Airport Security Advances Clash With Privacy Issues

Photo Credit: NY Times

Photo Credit: NY Times

At a mock airport in an underground laboratory here at Northeastern University, students pretending to be passengers head through a security exit in the right direction, while a young man enters going the wrong way. On a nearby computer screen, a newly developed video surveillance software program flags the wayward person and sounds an alarm.

In a lab across the street, researchers are developing a new way to detect explosives using radar.

Just down the hall, a professor and a team of students are working on a scanning system that they hope will speed up security lines. The system uses machines installed in walls or other places to scan passengers as they walk past instead of having them walk individually into a conventional scanning machine.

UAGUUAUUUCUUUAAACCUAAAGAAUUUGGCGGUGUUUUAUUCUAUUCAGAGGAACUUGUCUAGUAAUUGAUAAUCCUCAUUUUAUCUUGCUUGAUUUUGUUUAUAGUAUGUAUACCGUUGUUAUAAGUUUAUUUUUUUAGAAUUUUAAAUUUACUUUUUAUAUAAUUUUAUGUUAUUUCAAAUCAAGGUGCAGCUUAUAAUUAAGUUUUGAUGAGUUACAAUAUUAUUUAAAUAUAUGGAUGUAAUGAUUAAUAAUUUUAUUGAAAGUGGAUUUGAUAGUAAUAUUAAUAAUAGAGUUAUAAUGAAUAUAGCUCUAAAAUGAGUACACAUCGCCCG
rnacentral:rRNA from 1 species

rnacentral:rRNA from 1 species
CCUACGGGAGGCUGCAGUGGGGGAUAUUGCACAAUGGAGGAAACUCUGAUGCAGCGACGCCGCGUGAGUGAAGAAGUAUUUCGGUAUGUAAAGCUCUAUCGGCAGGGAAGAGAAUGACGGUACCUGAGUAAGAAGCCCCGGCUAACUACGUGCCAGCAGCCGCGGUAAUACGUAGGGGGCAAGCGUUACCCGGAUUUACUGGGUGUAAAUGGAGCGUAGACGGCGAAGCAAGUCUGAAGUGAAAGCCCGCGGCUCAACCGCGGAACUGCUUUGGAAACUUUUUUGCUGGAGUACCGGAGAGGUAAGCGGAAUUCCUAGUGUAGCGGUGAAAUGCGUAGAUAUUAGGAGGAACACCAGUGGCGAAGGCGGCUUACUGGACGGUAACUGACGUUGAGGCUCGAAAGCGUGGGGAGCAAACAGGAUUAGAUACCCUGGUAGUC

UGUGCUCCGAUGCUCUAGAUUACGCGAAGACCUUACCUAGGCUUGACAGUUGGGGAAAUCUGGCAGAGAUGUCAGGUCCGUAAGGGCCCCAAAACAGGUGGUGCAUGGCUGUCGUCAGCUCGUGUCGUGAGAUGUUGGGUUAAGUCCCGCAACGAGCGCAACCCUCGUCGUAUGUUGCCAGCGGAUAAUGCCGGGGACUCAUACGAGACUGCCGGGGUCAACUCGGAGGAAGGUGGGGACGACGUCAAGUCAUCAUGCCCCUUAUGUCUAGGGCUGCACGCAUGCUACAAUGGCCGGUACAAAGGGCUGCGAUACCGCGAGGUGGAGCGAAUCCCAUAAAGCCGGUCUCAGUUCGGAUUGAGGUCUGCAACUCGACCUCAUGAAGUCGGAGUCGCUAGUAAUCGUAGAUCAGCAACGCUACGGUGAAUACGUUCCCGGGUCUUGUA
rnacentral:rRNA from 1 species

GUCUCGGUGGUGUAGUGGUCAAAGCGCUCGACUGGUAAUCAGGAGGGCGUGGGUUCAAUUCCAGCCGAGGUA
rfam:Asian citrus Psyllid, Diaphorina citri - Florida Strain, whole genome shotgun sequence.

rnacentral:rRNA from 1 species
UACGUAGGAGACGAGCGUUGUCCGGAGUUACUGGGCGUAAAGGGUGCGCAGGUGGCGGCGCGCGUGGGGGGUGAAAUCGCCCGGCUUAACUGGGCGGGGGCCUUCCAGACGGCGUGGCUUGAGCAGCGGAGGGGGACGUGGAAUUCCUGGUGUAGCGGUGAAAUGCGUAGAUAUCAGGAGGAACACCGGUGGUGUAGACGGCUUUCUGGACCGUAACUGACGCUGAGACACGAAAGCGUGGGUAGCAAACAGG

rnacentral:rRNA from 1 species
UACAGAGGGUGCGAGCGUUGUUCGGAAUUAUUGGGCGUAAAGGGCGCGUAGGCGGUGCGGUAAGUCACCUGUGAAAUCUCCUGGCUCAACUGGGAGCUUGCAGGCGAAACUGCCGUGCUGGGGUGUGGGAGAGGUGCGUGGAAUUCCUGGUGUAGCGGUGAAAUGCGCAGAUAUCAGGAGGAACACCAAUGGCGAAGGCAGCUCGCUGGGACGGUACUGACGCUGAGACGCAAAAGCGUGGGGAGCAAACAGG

“The goal is to have a system that provides better scanning of individuals going through security, while at the same time making it more convenient,” said Jose Martinez Lorenzo, a professor of mechanical and industrial engineering, who is directing the project.

But the ambitious research in the name of passenger safety and easing air travel delays is colliding with pressure to protect privacy and to reduce federal spending. (Read more from “Airport Security Advances Clash With Privacy Issues” HERE)

Follow Joe Miller on Twitter HERE and Facebook HERE.